While based in Mulhouse for a month we decided to take Wanderlust out for an overnight stay near the Rhine terminus of the Canal du Rhône au Rhin. This excursion was driven by our curiosity about the remaining as yet unseen portion of the canal. Besides, making it to the end would let us claim victory; we would have traveled the full length of the southern arm of the Rhône-Rhine. A detail like this one matters to us more than it should.
Thus on the morning of the 13th of June we pulled up Wanderlust’s ropes and carefully extracted her from the tight quay-side spot in Mulhouse’s port. Pivoting about we aimed her bow to the northeast. Easing forward on the power we slipped out of the port, into the adjacent tunnel, and off towards the Rhine.
As Wanderlust moved slowly away from the center of Mulhouse we watched as the urbanity slowly dissolved away replaced at first by a mix of industry and single-family homes and then by well kept agricultural lands and forest. Relative to their centers the fringes of French cities are less polished and often far from scenic. They are interesting nonetheless. The outskirts offer glimpses of the practicalities of everyday existence in France, the mostly hidden industrial underpinnings that keep modern life moving. If you buzz by the on the autoroutes at 130 kph you miss this part of French life. Perhaps that is a good thing for some. But on a slow moving barge drifting forward on the water at 6 kph the soft boundaries of the metropolitan areas are impossible to ignore.
A fellow boater we met in Mulhouse’s port had told us that there were a couple of pleasant moorings near the Niffer terminus of the canal. Roughly 10 kilometers as a crow flies from the port we slowed and drifted by the first of the two pontoon moorings noted in our map book. It looked attractive, as did the second mooring. But for now we passed by continuing on to the two locks at the end of the canal.
Despite its name the Canal du Rhône au Rhin does not connect directly to either of its namesake rivers. The canal’s western terminus connects to the River Saône not the Rhône as advertised. The Saône-Rhône river confluence is 100 miles to the south in Lyon, so it’s not exactly close. On its eastern end the canal ends up near the Rhine, but not actually on river. Instead the canal terminates into the Grand Canal d’Alsace, roughly 700 meters from the Rhine and the French-German border.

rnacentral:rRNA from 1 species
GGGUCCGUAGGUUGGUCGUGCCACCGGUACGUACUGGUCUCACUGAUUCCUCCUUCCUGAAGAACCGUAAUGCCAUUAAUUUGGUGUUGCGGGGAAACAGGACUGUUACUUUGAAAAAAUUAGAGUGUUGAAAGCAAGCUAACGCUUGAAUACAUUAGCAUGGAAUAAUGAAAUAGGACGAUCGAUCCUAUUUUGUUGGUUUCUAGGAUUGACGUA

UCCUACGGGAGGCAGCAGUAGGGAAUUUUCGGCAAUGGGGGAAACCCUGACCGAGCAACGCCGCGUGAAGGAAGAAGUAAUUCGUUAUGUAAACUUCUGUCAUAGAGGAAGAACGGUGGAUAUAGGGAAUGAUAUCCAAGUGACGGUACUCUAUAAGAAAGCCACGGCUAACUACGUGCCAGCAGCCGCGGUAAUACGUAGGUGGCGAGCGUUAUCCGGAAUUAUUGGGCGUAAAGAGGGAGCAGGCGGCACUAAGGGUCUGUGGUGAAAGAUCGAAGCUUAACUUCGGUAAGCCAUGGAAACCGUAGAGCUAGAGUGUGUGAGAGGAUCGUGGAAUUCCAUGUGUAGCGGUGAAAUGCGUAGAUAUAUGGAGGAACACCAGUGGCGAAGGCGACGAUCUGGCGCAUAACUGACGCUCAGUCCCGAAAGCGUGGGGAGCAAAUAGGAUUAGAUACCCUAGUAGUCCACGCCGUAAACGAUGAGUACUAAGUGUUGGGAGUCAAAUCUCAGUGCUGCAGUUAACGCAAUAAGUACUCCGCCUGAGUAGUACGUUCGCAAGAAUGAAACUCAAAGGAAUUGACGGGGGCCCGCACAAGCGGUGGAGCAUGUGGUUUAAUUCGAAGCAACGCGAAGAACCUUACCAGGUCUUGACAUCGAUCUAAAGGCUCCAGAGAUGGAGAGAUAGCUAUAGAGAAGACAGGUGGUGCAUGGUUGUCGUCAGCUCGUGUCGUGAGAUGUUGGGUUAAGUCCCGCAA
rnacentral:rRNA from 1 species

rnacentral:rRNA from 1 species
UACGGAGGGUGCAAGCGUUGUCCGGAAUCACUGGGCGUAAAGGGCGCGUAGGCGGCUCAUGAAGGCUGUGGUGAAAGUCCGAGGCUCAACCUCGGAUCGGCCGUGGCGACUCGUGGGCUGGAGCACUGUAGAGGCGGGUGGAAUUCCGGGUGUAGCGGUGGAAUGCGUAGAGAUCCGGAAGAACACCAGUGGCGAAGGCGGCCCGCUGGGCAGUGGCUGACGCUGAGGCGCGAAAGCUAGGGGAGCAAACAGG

The Grand Canal d’Alsace, completed in 1959, is a large commercial waterway navigable by big boy barges displacing up to 5000 metric tons. (Five thousand metric tons, roughly 11 million pounds, is the equivalent of 138 fully loaded semi-truck trailers.) This waterway was built over a 22-year period to replace the Canal de Hunnigue, the section of the Canal du Rhône au Rhin that originally bypassed the otherwise unnavigable section of the Rhine nearby. Thus the Rhône-Rhine once did actually connect to the River Rhine, but it does not now, at least not directly.
An entrance for a remaining usable section of the Canal de Hunnigue sits just beside the small lock in Niffer. This segment of the Hunnigue is navigable for two kilometers allowing access to a pleasure boat port in Kembs. We floated at the entrance of the Hunnigue for a couple of minutes considering whether we wanted to take Wanderlust to Kembs and possibly spend a night there. But the entrance to the canal looked narrow, overgrown, and uninviting. If we couldn’t get to the turnaround in Kembs it would be a long and painful process to back out. And even if we did make it to Kembs it was not clear we could moor there. In the absence of better information, and maybe an advance phone call to the port, it seemed most sensible to pass on taking Wanderlust to Kemps this. Maybe it’s something we can do in the future.
After considering our options in front of the small lock we spun about and headed back the direction we came. Back up the canal we picked the Halte de Hombourg, a small pontoon just large enough for Wanderlust, as a place for the night. The mooring would be ours alone, a short-term waterfront property in the middle of the Alsatian countryside. Aside from the low rumble of an occasional large commercial barges passing by it was quiet. Rural moorings like this one feel like camping out, though “glamping” would seem a more appropriate word, as we had all the conveniences of home on board.
The next morning we returned back up the canal to our hired spot in Mulhouse’s port.
It still surprises us that the Europeans let us cruise so widely on their waterways. Often we see so few boats moving. It seems hard for governments to justify keeping these waterways open, but they do. Someday we fear this privileged access may inevitably disappear; the waterway infrastructure is expensive to maintain. But for now we will enjoy our opportunity to experience parts of France that few others get to see.
Out and back this excursion covered 35 kilometers. Wanderlust passed through the same lock in Mulhouse, Écluse 41, twice. Her engine ran for 6.2 hours.
The route from Mulhouse to Niffer: